Time capsules usually are lost due to thievery, secrecy or poor planning. The International Time Capsule Society, which has formed with the mission to record the burial of all time capsules, is still in search of nine time capsules of which little is known.
Here is a “most wanted” list for the missing time capsules. Click here for the full story.
- Bicentennial Wagon Train Time Capsule – This capsule was supposed to hold the signatures of 22 million Americans. But on July 4, 1976, when President Gerald Ford arrived for the sealing ceremony in Valley Forge, Pennsylvania, someone stole the capsule from an unattended van in the bicentennial wagon train. The capsule’s maker, the Reynolds Company, had broken the mold. The thief’s identity and the whereabouts of the capsule are unsolved mysteries.
- MIT Cyclotron Time Capsule – In 1939 a group of MIT engineers placed a brass capsule beneath an 18-ton -magnet used in a brand new, state-of-the-art cyclotron. The capsule was to be opened in 50 years but was not. No one remembered the time capsule was there (the cyclotron had long since been deactivated). But when reminded of its existence, MIT was faced with another problem: how do you get a time capsule out from under a 36,000-pound lid?
- Corona, California, Time Capsules – The City of Corona seems to have misplaced a series of 17 time capsules dating back to the 1930s. Efforts to recover the capsules in 1986 were in vain. “We just tore up a lot of concrete around the civic center, “said the chairman of the town’s centennial committee. A Los Angeles Times reporter has called Corona “the individual record holder in the fumbled time capsule category.”
- The M*A*S*H Time Capsule – Buried by cast members of the hit TV show in a secret ceremony, the capsule contained props and costumes of the show. It was buried in January 1983 — somewhere, no one will say — in the 20th Century Fox parking lot in Hollywood. The lot has shrunk in size, so the time capsule may be under a Marriott Hotel now.
- George Washington’s Cornerstone – Today’s custom of burying time capsules is in part an outgrowth of Masonic cornerstone-laying ceremonies. Through the centuries, Masons have officiated at rituals which often include placing memorabilia inside building cornerstones for later recovery. In 1793, George Washington, a Mason, performed the Masonic ritual upon the laying of the original cornerstone of the U.S. Capitol. Over the years, the Capitol has undergone extensive expansion, remodeling and reconstruction, but the original George Washington cornerstone has never been found. It is unknown whether there is anything inside of it.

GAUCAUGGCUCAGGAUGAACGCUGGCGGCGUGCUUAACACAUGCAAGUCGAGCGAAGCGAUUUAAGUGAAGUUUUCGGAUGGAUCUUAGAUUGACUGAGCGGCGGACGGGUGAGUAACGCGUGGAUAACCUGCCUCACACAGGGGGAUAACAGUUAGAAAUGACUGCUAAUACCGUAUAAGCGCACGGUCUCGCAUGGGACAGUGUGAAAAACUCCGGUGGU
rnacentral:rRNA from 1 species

- The Gramophone Company Time Capsule – In 1907, Hayes, Middlesex, England, sound recordings on disc were deposited behind the foundation stone of the new Gramophone Company factory (later HMV, later EMI) by the opera singer (later Dame) Nellie Melba. During reconstruction work in the 1960s, the container was officially removed, but before it could be reburied, someone ran off with it. The whereabouts of these priceless master-pressings of Melba and other stars remains a mystery.
- Washington Territorial Centennial Time Capsule – In 1953 Washington state celebrated its territorial centennial by burying a two-ton time capsule on the state capitol campus in Olympia. The legislature failed to approve funds to mark the site, and the capsule was lost until 1959. However, records indicate that a supplementary time capsule was prepared in 1953 for burial alongside the main capsule. The location and contents of the second capsule are unknown. The capsule may have been interred as planned; its reported location was a closet at the capitol. Update: it appears that this capsule was found in 2002.
- Blackpool Tower – In Blackpool, Lancashire, England, a foundation deposit was interred in the late 19th century with the customary ceremony. When a search was organized recently in preparation for new building work, not even remote sensing equipment or a clairvoyant could locate the time capsule.
- The Lyndon, Vermont, Time Capsule – First mentioned in an 1891 Vermont newspaper, the capsule is an iron box containing proceedings of the town’s centennial celebration. It was scheduled to be opened on July 4, 1991. Citizens have looked in the town vault, the bank and the library but have not found the box. The time capsule may not have been buried at all, since some ceremonies were canceled due to rain. Lyndon residents have vowed not to lose their new time capsule which is set to be sealed July 4.